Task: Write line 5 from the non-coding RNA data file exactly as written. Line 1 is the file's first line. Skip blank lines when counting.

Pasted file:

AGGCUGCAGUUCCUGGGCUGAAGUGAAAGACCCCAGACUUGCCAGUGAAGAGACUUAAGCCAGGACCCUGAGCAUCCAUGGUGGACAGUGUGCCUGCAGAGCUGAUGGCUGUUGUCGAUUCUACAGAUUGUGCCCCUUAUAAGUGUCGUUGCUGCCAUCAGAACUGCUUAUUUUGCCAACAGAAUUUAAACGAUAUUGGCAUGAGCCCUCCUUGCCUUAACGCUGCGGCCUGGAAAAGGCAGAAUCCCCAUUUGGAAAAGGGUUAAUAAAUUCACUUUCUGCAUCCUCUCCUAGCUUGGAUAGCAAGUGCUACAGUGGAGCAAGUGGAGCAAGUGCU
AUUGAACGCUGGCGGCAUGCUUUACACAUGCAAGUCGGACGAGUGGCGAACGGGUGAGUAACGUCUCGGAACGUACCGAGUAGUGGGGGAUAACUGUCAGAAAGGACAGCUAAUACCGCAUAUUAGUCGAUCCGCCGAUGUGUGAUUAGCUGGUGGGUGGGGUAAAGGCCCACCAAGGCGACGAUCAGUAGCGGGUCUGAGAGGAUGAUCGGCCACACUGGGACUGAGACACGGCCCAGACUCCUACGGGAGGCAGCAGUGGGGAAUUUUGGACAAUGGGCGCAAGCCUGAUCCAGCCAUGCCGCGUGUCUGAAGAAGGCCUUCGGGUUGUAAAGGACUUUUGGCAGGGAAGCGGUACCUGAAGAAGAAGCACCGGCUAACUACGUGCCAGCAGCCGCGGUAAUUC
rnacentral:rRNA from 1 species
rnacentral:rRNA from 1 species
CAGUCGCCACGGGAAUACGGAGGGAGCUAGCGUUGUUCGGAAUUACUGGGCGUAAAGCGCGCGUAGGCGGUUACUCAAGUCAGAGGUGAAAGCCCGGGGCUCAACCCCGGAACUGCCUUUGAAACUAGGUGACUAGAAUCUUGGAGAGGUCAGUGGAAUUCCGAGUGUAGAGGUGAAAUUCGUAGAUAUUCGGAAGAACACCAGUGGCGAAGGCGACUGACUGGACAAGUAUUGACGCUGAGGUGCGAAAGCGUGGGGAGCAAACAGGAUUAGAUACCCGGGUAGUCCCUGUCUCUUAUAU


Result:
CAGUCGCCACGGGAAUACGGAGGGAGCUAGCGUUGUUCGGAAUUACUGGGCGUAAAGCGCGCGUAGGCGGUUACUCAAGUCAGAGGUGAAAGCCCGGGGCUCAACCCCGGAACUGCCUUUGAAACUAGGUGACUAGAAUCUUGGAGAGGUCAGUGGAAUUCCGAGUGUAGAGGUGAAAUUCGUAGAUAUUCGGAAGAACACCAGUGGCGAAGGCGACUGACUGGACAAGUAUUGACGCUGAGGUGCGAAAGCGUGGGGAGCAAACAGGAUUAGAUACCCGGGUAGUCCCUGUCUCUUAUAU